Originally Posted by threed123
Feel free to suggest changes, additions, etc. Also, I know some of you believe you have answers, but I really want Mits to give us their view.
1. How does Auto Brilliant Color work and at what level is it set at-High, Medium, or Low-is there a numerical value?
Here is a description of BrilliantColor (a Texas Instruments technology for their DLP chipset) from a HC3000 review. The implementation is the same in the HC3800:
"As announced by TI and reported here previously, BrilliantColor consists of a new color processing chipset and a new color wheel design that includes filters for both the three primary and three complementary colorsred, green, blue, cyan, magenta, and yellow. However, in this particular implementation, Mitsubishi has used TI's new BrilliantColor chipset and adapted it for use with a conventional six-segment RGB-RGB color wheel rotating at a 4x speed.
In operation, you can opt to activate or deactivate the BrilliantColor system by toggling On or Off in the menu. When BrilliantColor is activated, the picture becomes immediately brighter. Blacks and shadow values remain perceptibly unchanged while midtones and highlights increase in luminance by about 25%. All colors increase in luminance by the same ratio, and gray values do as well. Though midtones and highlights are brighter, there is no visible increase in color saturation. The result is that it opens up mid-tone information nicely. However, depending upon how it is calibrated and the screen size and material being used with it, it may overdrive the whites. A reduction in the contrast control may be required to bring the intensity of the whites down to a manageable level.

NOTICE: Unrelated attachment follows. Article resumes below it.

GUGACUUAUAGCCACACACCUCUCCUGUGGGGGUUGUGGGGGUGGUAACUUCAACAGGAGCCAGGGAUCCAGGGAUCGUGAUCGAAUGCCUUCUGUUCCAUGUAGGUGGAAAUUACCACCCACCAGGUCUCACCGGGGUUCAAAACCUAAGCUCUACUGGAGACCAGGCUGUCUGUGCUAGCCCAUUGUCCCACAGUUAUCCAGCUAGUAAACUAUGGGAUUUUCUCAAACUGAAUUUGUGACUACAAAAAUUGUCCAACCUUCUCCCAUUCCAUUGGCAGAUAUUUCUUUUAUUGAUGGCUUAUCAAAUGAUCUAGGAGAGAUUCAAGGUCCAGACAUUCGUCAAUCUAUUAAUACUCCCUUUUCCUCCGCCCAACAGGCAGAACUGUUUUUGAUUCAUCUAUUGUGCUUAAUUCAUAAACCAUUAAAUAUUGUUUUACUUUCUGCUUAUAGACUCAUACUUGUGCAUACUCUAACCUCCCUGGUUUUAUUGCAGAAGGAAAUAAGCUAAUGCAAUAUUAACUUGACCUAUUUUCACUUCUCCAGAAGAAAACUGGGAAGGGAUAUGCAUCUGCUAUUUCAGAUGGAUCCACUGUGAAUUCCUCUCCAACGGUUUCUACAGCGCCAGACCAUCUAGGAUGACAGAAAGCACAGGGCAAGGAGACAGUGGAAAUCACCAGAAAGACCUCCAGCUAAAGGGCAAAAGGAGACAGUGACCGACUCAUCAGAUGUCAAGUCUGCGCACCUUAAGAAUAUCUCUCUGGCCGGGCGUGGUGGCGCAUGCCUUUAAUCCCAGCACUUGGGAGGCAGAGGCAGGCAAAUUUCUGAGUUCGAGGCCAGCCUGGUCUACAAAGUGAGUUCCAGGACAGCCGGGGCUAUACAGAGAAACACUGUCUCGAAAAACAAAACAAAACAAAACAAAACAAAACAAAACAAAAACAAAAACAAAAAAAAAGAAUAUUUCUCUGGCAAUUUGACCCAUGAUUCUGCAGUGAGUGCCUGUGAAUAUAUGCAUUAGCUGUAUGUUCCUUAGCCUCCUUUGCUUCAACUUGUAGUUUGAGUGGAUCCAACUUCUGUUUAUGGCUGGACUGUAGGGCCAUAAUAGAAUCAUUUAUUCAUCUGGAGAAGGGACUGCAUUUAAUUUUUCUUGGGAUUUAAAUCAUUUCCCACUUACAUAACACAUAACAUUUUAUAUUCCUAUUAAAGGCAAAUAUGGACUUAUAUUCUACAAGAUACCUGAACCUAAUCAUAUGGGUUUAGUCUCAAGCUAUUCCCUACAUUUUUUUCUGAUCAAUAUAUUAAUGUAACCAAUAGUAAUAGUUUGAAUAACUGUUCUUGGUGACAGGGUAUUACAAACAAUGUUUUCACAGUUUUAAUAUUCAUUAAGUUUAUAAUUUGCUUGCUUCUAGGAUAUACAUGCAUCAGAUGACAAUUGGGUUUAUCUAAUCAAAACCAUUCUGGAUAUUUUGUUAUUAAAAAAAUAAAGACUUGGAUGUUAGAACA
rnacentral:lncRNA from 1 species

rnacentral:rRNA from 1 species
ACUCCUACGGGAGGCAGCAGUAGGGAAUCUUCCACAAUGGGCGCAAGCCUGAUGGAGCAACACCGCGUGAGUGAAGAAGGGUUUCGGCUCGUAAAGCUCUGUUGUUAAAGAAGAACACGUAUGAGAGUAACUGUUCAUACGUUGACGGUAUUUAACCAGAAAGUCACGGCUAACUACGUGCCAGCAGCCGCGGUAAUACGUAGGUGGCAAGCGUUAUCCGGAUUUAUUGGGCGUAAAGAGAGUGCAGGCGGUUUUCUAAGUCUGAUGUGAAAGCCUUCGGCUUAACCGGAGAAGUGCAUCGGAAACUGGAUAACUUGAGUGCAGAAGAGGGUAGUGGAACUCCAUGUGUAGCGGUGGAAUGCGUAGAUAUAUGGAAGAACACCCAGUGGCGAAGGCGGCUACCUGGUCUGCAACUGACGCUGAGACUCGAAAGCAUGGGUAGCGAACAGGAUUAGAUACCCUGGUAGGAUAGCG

Most HC3000 users will opt to run with BrilliantColor engaged, as the picture typically looks a bit dull by comparison when it is not operating. However, this will depend on the material being displayed. For example, with material like HD sporting events, or the television series Lost in HD, or animated DVDs like Toy Story and Shrek, the BrilliantColor feature delivers a more engaging image overall. However, when we viewed a live indoor concert being broadcast in HD, the scene itself was already extremely high in contrast due to stage lighting and spotlighting. With this type of material the color and contrast appeared more natural with BrilliantColor deactivated. Thus, you will want to experiment a bit and find your own preferences."
I have found that toggling BC on and off with a white scale contast pattern on the screen, I can still see all the graduations of white. This will of course vary with your initial contrast setting etc.